Childhood is a happy hell driven by fear, anxiety and discovery.
No one who has really been a child has not felt all those heartbeats of life, until waking up to adolescence, when everything begins to go wrong and those three graces, or misfortunes, appear scrambled, together, threatening: fear, anxiety and, oh, the discoveries.
All that I describe as my own and possibly alien was represented to me as black and white mirrors of my own life in the latest film by Steven Spielberg, who is now 76 years old, has made films of all kinds or genres, has filled many with illusion. those who believe that life is an extraterrestrial fantasy, and who even have the audacity to tell as a child what they remember as an adult.
Spielberg has also given us, those of us who are not old enough to feel that all fantasy is possible, the certainty that massive cinema, that is, the one that sells well at the box office, can also give humanity reasons to believe. that what is done as a show also teaches us the reality of suffering.
His film about the world war, the evils of Hitler and the human capacity for solidarity of the industrialist Schindler, is a monument that any anti-Semite (or anyone who despises the other) must see to cure themselves of the barbarism of continuing to believe, like Hitler, that once upon a time there were higher beings.
Now Spielberg has gone into his own life to rescue episodes that resemble those he himself experienced.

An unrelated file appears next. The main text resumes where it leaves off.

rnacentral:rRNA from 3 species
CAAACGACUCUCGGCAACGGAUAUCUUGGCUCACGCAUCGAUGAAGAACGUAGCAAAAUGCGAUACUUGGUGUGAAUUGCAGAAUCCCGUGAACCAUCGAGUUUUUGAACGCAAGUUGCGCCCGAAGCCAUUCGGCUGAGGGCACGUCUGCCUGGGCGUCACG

He shoots, from the images of Los Fabelmans, stories that happened to him in successive cities in the United States, but that also have to do with those of us who have lived, rich or poor, in other territories of the world.
It's a movie for everyone, and it's not what we usually call an American.
It is, naturally, a film that is due to one of the great intelligences of contemporary art.
While it was happening, with their emotions, their laughter and their parties, this modest spectator saw himself at school, with the boys, going to the movies with his father, who covered him with a hat to scare away the ghosts that came from of the triggers of the Western cowboys, not all bandits, but many of them always with gunpowder near their index finger.
On those occasions, when in the movies I saw such dangers coming, my father would take off his hat and cover my face until the dust of horse riding rose and peace returned to the screen.
I was resurrected after infinite fear and my father told me: "Juanillo, you can look now."